I think one of the hardest things as a parent is to balance your own needs with those of your kid. Sometimes it’s even hard to admit you have needs when theirs seem so big by comparison. I remember once thinking that my arm felt like it was going to snap because of the weird position I was breastfeeding in, and just sort of tuning it out because I thought, ‘Well, I have to feed her. This is how she eats! She can’t just go get a a packet of chips later if she’s still hungry.” So I put up with it. And of course I’d do it again. But it’s probably one of the strangest and biggest shifts of being a parent – for so long your needs are solely your own, and then overnight you have to spend 24 hours a day thinking about someone else’s. And that someone else is too small to look after themselves (and let’s face it, they also lack basic hygiene at this point), so their needs are so much more important by comparison. It can be very hard to look after a little one when it means that you do have to sacrifice some of your own wellbeing – sleep, intact limbs, your nightly wine, whatever – and I think it’s OK to say that without following it up with, “But I love my child” or some such platitude. We know you do. Just as you complain about your boyfriend and we know you’re still ride-or-die with him, we know you still love your bebe when she chucks on your new white jeans and you have the nerve (!) to bitch about it. So go ahead. You’re among friends.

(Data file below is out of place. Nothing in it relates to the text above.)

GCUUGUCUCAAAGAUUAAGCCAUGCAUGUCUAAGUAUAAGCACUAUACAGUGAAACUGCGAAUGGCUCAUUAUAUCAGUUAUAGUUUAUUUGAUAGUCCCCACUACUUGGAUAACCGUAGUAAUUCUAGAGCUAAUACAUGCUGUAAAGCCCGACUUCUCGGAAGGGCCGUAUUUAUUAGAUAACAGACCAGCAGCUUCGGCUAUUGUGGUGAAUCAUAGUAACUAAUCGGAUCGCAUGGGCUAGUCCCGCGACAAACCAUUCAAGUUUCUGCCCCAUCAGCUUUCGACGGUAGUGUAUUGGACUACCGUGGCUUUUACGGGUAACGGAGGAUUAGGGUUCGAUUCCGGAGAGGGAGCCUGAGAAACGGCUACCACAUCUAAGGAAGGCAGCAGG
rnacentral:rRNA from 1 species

The reading list
This week I wrote about what we can learn from China’s biggest dating show, the (insanely) lucrative world of food Instagrammers and the ten cult desserts Sydney is beyond obsessed with (my personal favourite is the brioche burger at Cremeria de Luca).
The best Valentine’s present ever: Broad City is (almost) back Here’s an interview with two of the show’s writers (who also happen to be partners IRL). (Also: churrons? I would totally wait in line for them).
Vanity Fair cops a lot of flak for its annual Hollywood Issue (where the mag assembles nine or so up-and-coming stars and photographs them for the cover), but can I put my hand up and say: I love it. It’s always shot and styled beautifully, and there’s something old-school about a magazine having the guts to run cover stars who might not be known to absolutely every reader. Magazines used to be tastemakers, not just vehicles for whoever has the biggest Instagram following. So props to Vanity Fair for doing what a magazine is meant to do: looking at what is happening in the world and then editing and distilling all that information for its reader. Here are ten of the best VF Hollywood Issue covers (The Guardian calls them the most awkward but I’m not buying it).
Decluttering for sceptics. YASSS.
What it feels like to freeze on national television. Honest and brave.
The problems with food media nobody wants to talk about (not every chocolate cake recipe is going to be “the best”, guys). Part of the reason I left my last job was the ridiculous pressure to turn a prestige brand into a hub for sugar-free recipe galleries – in other words, to jump on the most clickbait-y trend of the day. No, thanks.
British Vogue turns 100. Happy birthday! Don’t fall out of a taxi on your way home. You’re too old for that shit!
Enjoy your day. Forget about FebFast. It’s Wine Time, yeah?